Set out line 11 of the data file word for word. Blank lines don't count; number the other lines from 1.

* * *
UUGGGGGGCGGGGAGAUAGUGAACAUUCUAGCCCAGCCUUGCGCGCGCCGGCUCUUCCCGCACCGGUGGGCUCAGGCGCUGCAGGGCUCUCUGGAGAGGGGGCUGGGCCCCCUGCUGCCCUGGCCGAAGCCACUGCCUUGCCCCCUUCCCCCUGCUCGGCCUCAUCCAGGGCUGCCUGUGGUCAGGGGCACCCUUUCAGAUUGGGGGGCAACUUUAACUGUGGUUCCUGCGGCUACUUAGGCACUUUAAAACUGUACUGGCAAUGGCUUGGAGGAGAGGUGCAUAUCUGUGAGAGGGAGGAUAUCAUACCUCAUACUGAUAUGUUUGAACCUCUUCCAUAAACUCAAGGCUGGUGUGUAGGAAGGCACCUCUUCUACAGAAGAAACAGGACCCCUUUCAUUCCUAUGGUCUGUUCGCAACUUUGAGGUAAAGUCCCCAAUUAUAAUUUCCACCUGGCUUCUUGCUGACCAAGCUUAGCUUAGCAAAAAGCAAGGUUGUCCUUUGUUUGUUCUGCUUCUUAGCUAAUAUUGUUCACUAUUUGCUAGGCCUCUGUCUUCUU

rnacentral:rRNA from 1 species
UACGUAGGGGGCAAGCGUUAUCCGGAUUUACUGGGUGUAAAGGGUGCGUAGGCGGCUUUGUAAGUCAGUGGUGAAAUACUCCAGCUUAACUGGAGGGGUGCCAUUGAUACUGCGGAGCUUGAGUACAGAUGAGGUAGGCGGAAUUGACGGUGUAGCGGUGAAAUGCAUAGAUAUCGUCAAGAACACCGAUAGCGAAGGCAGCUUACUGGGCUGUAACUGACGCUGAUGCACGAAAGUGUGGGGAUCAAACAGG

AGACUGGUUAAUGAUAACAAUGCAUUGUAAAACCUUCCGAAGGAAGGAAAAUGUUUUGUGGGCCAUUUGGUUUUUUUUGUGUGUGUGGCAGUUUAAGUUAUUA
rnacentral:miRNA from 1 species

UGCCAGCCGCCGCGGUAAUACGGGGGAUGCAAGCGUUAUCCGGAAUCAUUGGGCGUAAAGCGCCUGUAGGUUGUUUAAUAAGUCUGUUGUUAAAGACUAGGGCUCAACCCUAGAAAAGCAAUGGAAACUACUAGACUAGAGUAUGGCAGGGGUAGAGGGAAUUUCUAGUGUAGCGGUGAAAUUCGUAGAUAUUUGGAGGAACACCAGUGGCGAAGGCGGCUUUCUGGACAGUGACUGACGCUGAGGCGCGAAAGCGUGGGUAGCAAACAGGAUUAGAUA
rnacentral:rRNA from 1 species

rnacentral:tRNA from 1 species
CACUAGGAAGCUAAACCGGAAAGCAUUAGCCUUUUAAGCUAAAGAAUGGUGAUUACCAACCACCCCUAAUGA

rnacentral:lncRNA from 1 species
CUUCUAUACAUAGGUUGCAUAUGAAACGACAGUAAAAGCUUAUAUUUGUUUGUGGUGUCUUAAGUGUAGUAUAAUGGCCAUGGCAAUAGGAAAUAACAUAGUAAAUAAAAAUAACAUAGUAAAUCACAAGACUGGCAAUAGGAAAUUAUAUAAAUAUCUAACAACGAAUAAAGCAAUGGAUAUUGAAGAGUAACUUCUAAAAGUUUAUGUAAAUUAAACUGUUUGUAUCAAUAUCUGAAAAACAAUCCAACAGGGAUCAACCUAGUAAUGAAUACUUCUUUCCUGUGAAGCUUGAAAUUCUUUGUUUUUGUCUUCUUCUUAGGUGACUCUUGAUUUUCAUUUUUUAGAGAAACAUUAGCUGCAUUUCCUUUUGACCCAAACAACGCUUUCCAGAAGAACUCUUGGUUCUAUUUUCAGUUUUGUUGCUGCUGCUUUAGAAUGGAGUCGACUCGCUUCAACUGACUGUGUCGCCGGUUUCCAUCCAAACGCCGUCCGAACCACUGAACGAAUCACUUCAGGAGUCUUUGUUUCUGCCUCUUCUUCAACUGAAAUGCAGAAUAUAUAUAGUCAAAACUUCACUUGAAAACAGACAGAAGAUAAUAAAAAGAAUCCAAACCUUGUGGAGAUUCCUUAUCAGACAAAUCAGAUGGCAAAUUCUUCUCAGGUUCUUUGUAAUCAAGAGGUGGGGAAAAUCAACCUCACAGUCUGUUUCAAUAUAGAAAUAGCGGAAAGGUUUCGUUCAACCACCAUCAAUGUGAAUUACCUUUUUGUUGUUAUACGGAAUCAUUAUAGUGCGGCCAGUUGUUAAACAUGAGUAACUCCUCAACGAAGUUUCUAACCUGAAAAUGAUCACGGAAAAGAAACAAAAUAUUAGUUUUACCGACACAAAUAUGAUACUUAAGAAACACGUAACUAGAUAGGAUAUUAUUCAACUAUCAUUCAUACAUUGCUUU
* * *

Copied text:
CUUCUAUACAUAGGUUGCAUAUGAAACGACAGUAAAAGCUUAUAUUUGUUUGUGGUGUCUUAAGUGUAGUAUAAUGGCCAUGGCAAUAGGAAAUAACAUAGUAAAUAAAAAUAACAUAGUAAAUCACAAGACUGGCAAUAGGAAAUUAUAUAAAUAUCUAACAACGAAUAAAGCAAUGGAUAUUGAAGAGUAACUUCUAAAAGUUUAUGUAAAUUAAACUGUUUGUAUCAAUAUCUGAAAAACAAUCCAACAGGGAUCAACCUAGUAAUGAAUACUUCUUUCCUGUGAAGCUUGAAAUUCUUUGUUUUUGUCUUCUUCUUAGGUGACUCUUGAUUUUCAUUUUUUAGAGAAACAUUAGCUGCAUUUCCUUUUGACCCAAACAACGCUUUCCAGAAGAACUCUUGGUUCUAUUUUCAGUUUUGUUGCUGCUGCUUUAGAAUGGAGUCGACUCGCUUCAACUGACUGUGUCGCCGGUUUCCAUCCAAACGCCGUCCGAACCACUGAACGAAUCACUUCAGGAGUCUUUGUUUCUGCCUCUUCUUCAACUGAAAUGCAGAAUAUAUAUAGUCAAAACUUCACUUGAAAACAGACAGAAGAUAAUAAAAAGAAUCCAAACCUUGUGGAGAUUCCUUAUCAGACAAAUCAGAUGGCAAAUUCUUCUCAGGUUCUUUGUAAUCAAGAGGUGGGGAAAAUCAACCUCACAGUCUGUUUCAAUAUAGAAAUAGCGGAAAGGUUUCGUUCAACCACCAUCAAUGUGAAUUACCUUUUUGUUGUUAUACGGAAUCAUUAUAGUGCGGCCAGUUGUUAAACAUGAGUAACUCCUCAACGAAGUUUCUAACCUGAAAAUGAUCACGGAAAAGAAACAAAAUAUUAGUUUUACCGACACAAAUAUGAUACUUAAGAAACACGUAACUAGAUAGGAUAUUAUUCAACUAUCAUUCAUACAUUGCUUU